Mortgage Choice CEO Susan Mitchell has rejected suggestions that the industry should look to a lender-paid flat-fee model for brokers.
Despite the Labor party initially expressing “in-principle” support for all 76 of Commissioner Kenneth Hayne’s recommendations in his final report for the financial services royal commission, including a call for a borrower-pays model in the broking industry, it has been reported that the federal opposition is set to propose the introduction of a flat-fee paid by lenders to brokers, irrespective of the size of a loan.
Speaking to The Adviser following the release of Mortgage Choice’s half-year 2019 (HY19) financial results, CEO Susan Mitchell rejected the federal Labor opposition’s reported backing of a flat-fee broker remuneration model.
However, Ms Mitchell said that while she welcomed the Labor Party’s shift away from a borrower-pays arrangement (as would have been the case should the Hayne recommendations be adopted in full), she added that a flat-fee model would be “just as destructive”.
“It’s a very pleasing development to have the Labor Party reconsidering the consumer-pays [model],” she said.
“Although I would like to say that I believe the implementation of a flat-fee could be just as destructive to competition.”
Pointing to evidence provided by Commonwealth Bank CEO Matt Comyn during his appearance before the royal commission, Ms Mitchell said that a flat-fee would not sustain the broker model.
“Matt Comyn, in his testimony at the royal commission, actually suggested a fee that was 35 per cent of the current remuneration of a broker,” she said.
“That would make the channel completely commercially non-viable.
“I don’t think that that would be what we need to protect competition. It would just send consumers back to the big banks. There would be no more competitive pressure on prices.”
Ms Mitchell added: “A flat fee is not the answer.”
The Mortgage Choice CEO backed the current remuneration model, noting that it ensures that the interaction between brokers and their clients is relationship-based rather than “transaction only”.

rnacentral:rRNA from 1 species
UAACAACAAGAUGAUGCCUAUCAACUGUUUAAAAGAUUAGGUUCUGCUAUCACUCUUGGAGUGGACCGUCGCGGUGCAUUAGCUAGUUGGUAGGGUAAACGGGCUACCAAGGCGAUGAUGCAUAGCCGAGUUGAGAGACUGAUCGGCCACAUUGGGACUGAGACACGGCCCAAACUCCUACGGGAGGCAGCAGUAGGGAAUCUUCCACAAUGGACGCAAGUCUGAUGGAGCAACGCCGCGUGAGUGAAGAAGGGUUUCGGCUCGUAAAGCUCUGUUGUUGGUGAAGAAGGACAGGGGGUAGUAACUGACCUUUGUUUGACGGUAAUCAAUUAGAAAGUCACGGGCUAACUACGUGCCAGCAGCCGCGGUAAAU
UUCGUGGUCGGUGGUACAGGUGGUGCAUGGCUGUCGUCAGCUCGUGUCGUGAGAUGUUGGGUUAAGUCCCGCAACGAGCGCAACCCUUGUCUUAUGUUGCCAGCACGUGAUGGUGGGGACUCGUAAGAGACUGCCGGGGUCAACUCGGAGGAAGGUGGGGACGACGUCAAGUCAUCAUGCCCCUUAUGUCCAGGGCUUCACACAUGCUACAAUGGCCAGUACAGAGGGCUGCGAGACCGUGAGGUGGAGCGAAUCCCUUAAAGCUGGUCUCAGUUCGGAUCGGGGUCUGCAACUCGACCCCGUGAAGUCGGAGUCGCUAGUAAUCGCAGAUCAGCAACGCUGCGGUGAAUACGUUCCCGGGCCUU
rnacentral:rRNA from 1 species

The Adviser reached out to the Australian Labor Party for confirmation of its reported broker remuneration policy, but the federal opposition declined to comment.
Shadow treasurer Chris Bowen recently stated that the Labor Party would officially announce its official policy position “in the coming days”.
Profits plunge 44 per cent
Ms Mitchell’s comments follow the release of Mortgage Choice’s HY19 financial results, in which it has reported a 43.8 per cent decline in its IFRS net-profit after tax, from $11.4 million in HY18 to $6.4 million.
The brokerage’s home loan settlement volumes fell by 12.1 per cent, from $6 billion in HY18 to $5.3 billion in HY19, with Mortgage Choice’s loan book increasing by 1 per cent to $54.5 billion.
Ms Mitchell said that the brokerage had anticipated the result, attributing the weakened performance to residual costs associated with the brokerage’s franchise remuneration changes and softening credit and housing market conditions.
According to Ms Mitchell, loan volumes were also affected by tighter credit policies imposed off the back of scrutiny from the banking royal commission, which she said have created a “very different operating environment” for the brokerage’s network of franchisees.
Over the year to 31 December 2018, the brokerage’s franchise network reduced from 452 franchises to 403, with the number of brokers operating under the Mortgage Choice brand declining from 649 to 578 over the same period.
“Our franchise members decreased due to the one-off impact of the merging of owners of multiple franchises and the buyback of a group of [loan] books following the restructure of the remuneration model,” Ms Mitchell said.
She added: “The recruitment of new franchisees and loan writers was impacted by the uncertainty surrounding the royal commission.”
Charbel Kadib is the news editor on The Adviser and Mortgage Business.
Before joining the team in 2017, Charbel completed internships with public relations agency Fifty Acres, and the Department of Communications and the Arts.
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